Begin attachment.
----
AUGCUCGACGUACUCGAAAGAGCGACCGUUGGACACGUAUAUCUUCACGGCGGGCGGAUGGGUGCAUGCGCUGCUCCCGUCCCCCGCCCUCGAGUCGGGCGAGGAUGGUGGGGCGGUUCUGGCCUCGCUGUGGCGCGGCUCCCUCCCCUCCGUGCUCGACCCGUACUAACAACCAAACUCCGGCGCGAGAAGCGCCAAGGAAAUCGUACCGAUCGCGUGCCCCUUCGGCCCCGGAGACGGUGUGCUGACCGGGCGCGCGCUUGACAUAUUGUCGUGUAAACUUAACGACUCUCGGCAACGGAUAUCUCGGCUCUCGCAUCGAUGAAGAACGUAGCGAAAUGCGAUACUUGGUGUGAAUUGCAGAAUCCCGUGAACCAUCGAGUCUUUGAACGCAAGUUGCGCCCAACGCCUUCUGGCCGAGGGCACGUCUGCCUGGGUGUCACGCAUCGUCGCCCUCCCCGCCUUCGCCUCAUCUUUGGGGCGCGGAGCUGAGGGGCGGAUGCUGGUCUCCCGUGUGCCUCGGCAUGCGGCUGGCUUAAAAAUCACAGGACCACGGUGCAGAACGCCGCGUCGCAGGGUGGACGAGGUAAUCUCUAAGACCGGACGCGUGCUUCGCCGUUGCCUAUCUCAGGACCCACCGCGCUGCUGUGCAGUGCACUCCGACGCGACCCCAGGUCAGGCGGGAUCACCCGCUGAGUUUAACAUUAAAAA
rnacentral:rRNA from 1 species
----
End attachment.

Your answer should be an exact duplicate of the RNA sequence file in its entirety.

AUGCUCGACGUACUCGAAAGAGCGACCGUUGGACACGUAUAUCUUCACGGCGGGCGGAUGGGUGCAUGCGCUGCUCCCGUCCCCCGCCCUCGAGUCGGGCGAGGAUGGUGGGGCGGUUCUGGCCUCGCUGUGGCGCGGCUCCCUCCCCUCCGUGCUCGACCCGUACUAACAACCAAACUCCGGCGCGAGAAGCGCCAAGGAAAUCGUACCGAUCGCGUGCCCCUUCGGCCCCGGAGACGGUGUGCUGACCGGGCGCGCGCUUGACAUAUUGUCGUGUAAACUUAACGACUCUCGGCAACGGAUAUCUCGGCUCUCGCAUCGAUGAAGAACGUAGCGAAAUGCGAUACUUGGUGUGAAUUGCAGAAUCCCGUGAACCAUCGAGUCUUUGAACGCAAGUUGCGCCCAACGCCUUCUGGCCGAGGGCACGUCUGCCUGGGUGUCACGCAUCGUCGCCCUCCCCGCCUUCGCCUCAUCUUUGGGGCGCGGAGCUGAGGGGCGGAUGCUGGUCUCCCGUGUGCCUCGGCAUGCGGCUGGCUUAAAAAUCACAGGACCACGGUGCAGAACGCCGCGUCGCAGGGUGGACGAGGUAAUCUCUAAGACCGGACGCGUGCUUCGCCGUUGCCUAUCUCAGGACCCACCGCGCUGCUGUGCAGUGCACUCCGACGCGACCCCAGGUCAGGCGGGAUCACCCGCUGAGUUUAACAUUAAAAA
rnacentral:rRNA from 1 species